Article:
The earlier post in this set gave a typical defense of the humanities – disciplines like religion, philosophy, languages, and literature – which is that we all benefit from understanding ourselves as part of a bigger purpose. That intellectual birthright, systematically developed in college, helps orient our work and lives afterward. So, good job security for the soul searchers and poets, right?
In recent centuries, at least in the west, the searchers and poets have clumped around varieties of humanism – an ethic different from the set of disciplines called “the humanities,” but arising from them. Humanism takes the human condition as a self-contained, self-evident good, man as the measure of all things.
For some of us – maybe the majority on American campuses – it’s “secular humanism,” agnostic if not godless. We readily admit to a universe that includes the supernatural, imperceptable, and mysterious – whether called branes, dark matter, or Quetzalcoatl. But we don’t take daily cues from it.
These days even formal religions seem influenced by humanism, as we see falling from favor those that discount or threaten human well-being, for example by preaching intolerance, mutilation, or virgin sacrifice. They just don’t draw crowds like they used to.
So, humanism for all, and the answer to the eternally nagging Why is apparently some version of “because it’s us.”
That alone fuels a lot of the human enterprise. We work hard, cure diseases, and write apps for smart phones not just to get ahead personally, but also to add to the overall stock of human happiness. The more you contribute to the common good instead of the personal one, the more virtuous you feel, but really it’s all just different versions of petting ourselves. It’s been a surprisingly durable way of avoiding the question Why, at least up to now.
If that’s about to change – and I think it is – then college curriculum in the humanities should brace itself. But for what? The acceleration of change on a few fronts has made it harder for colleges and universities to guess what’s around the next hedge.
1. Machine learning is now mostly inductive, a lot like human learning. As they catch on, our gadgets are taking over not just factory work but also driving, diagnosing disease, and even making art. Already our computers can translate, and our phones can see. Whatever our colleges teach people to do next, we want to take care that it’s things people will still be the ones doing.
2. To higher education this raises a not insignificant question: what is that? In other words, at the maturity of our current AI growth spurt, what will remain as the competitive advantage of homo sapiens, and then how do we organize our curriculum to cultivate it, so our graduates can be employed? The answer, increasingly, may be volition.
Machines can find, solve, and invent many more things than they used to, but we humans still have a corner on wanting to.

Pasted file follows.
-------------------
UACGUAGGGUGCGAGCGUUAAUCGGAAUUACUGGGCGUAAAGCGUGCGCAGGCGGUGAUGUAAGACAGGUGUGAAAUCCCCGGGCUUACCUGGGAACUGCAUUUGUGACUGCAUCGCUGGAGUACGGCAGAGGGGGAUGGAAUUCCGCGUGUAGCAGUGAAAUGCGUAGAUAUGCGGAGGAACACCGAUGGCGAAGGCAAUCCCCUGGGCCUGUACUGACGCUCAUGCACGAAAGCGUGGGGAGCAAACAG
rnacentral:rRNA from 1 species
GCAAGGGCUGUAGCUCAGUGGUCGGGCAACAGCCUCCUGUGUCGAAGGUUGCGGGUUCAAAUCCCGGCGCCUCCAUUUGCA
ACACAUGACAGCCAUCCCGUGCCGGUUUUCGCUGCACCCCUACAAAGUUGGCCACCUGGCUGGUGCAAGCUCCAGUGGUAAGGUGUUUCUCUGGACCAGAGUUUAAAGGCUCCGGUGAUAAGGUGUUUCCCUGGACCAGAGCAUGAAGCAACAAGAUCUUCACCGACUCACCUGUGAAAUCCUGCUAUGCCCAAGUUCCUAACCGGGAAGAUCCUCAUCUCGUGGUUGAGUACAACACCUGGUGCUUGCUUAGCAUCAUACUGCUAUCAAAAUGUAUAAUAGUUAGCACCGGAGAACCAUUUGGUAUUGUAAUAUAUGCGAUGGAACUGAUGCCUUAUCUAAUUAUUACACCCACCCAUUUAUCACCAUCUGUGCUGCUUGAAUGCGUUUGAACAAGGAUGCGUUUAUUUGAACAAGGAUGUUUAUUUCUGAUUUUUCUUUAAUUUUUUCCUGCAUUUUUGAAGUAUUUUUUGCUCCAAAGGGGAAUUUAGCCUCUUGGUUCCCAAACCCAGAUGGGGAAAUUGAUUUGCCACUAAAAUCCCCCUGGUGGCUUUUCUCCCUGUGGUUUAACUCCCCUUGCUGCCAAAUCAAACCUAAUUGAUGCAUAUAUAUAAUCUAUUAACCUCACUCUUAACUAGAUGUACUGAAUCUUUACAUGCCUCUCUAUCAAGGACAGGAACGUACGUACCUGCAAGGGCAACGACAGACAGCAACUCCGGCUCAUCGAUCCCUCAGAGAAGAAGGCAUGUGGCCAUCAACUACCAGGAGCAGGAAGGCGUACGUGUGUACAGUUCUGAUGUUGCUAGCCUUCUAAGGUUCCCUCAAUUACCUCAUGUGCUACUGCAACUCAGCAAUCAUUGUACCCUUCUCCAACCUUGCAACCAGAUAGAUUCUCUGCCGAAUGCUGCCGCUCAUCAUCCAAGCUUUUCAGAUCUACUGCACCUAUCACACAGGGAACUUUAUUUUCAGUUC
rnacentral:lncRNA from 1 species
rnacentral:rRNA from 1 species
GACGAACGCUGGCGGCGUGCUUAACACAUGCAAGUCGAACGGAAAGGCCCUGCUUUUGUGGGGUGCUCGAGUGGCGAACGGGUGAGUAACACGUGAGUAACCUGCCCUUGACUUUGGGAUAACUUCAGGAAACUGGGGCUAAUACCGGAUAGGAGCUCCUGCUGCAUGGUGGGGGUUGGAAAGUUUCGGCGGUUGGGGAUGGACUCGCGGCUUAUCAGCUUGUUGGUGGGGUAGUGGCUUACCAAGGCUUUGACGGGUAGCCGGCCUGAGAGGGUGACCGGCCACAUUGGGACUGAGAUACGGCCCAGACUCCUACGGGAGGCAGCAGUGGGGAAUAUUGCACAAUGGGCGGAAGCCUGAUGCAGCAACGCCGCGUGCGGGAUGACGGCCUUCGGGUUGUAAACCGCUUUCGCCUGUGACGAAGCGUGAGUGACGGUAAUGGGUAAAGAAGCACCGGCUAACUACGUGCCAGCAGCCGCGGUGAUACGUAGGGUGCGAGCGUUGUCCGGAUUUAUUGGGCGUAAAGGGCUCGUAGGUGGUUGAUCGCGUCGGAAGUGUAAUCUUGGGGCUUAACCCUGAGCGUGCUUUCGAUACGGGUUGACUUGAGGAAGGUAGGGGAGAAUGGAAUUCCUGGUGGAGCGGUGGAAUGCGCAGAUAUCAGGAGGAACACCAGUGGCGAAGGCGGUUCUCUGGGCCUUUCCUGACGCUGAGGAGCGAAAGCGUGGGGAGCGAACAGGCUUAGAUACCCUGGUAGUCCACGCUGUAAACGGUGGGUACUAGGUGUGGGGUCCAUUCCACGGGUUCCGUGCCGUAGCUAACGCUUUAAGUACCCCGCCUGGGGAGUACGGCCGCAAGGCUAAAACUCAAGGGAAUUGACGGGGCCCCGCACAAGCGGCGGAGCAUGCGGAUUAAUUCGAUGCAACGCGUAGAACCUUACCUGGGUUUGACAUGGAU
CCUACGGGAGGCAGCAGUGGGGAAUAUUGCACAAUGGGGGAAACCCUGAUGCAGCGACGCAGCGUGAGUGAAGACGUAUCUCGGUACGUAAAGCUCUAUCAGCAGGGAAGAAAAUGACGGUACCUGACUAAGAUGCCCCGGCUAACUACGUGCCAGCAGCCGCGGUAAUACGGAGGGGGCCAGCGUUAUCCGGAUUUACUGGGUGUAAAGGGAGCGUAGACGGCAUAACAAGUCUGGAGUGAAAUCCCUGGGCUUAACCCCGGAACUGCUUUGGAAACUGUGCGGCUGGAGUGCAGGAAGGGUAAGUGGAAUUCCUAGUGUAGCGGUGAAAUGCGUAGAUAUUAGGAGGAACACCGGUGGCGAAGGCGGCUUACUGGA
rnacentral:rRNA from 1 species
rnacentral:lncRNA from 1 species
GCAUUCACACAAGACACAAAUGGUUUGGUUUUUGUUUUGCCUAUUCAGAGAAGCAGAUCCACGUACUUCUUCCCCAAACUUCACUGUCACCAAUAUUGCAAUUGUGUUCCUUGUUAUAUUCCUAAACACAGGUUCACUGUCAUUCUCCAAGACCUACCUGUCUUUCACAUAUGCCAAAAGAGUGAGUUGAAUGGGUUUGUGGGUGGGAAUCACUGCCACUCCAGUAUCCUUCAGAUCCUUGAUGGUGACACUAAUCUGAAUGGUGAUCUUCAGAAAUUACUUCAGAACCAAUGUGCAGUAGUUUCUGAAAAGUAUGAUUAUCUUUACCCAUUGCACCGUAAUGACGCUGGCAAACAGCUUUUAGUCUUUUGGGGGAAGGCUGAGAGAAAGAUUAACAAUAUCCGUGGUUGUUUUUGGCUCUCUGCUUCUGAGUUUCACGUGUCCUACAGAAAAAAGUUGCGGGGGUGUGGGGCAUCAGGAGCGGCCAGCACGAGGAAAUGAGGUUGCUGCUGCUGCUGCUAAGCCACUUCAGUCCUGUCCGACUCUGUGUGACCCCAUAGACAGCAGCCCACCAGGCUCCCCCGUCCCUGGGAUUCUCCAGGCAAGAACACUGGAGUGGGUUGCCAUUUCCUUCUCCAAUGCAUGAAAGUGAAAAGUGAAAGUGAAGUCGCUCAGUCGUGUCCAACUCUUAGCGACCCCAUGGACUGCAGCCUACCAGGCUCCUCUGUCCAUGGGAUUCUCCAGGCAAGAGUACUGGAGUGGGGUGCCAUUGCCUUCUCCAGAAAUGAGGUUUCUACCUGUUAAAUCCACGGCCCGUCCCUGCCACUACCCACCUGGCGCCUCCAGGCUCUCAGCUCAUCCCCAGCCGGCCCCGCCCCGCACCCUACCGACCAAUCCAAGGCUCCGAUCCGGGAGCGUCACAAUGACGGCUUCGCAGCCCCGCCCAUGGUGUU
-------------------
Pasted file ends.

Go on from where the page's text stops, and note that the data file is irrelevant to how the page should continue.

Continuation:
So does it come down to that? Will college learning be mostly about purpose and meaning, about why we should want some things more than others? About the nature of the good life, of telling right from wrong?
I would welcome that, but also enjoy the irony, that the build-out of our STEM infatuated, high-tech world could usher in a golden age for the arts and humanities.
3. The idea of free will itself is under new fire, beautifully summarized in a recent Atlantic article. It was never on solid footing, empirically speaking: we feel like we act for ourselves but it’s been mighty hard to prove. Now we’re seeing that the interval between deciding to take action and taking it may be reversed; that is, that an opaque cognitive curtain keeps us from knowing what we do for a moment or two, during which we mentally process the intention, fooling ourselves into thinking our wishes matter.
In the context of machine learning, this may be an even bigger deal than we think. It seems that if a day comes when we have to concede we lack free will, then on that day we will really have run out of uniquely human capacities.
And that means we will also have to face up to the circularity of secular humanism and our longstanding measure of meaning, ourselves. It may not be enough anymore to say art, or health, or technology are valuable because they advance the human condition, because that condition will no longer be exclusively human.
On that day, maybe coming up fast, we’ll have reached the end of the street down which we kick the can that asks Why.
What does a forward-looking university do then? I am not sure, but hope I’m not sitting on the platform behind the commencement speaker who has to explain that intellectual bequest to the next generation. “It’s been a pretty good run but we kind of ran out of steam toward the end there.”
I was ruminating on this, rummaging around for a ready reason to go to work each day when the present one sputters out, when a couple of experiences gave me hope that the humanities may yet have some good continuing uses, even after they’re understood as not uniquely human. One was a textbook I read this Christmas on macroeconomics, and the other was a day last month that I spent in prison.
But more on those later.
Image credits: airships.net, Tara in Poland, International Business Seminars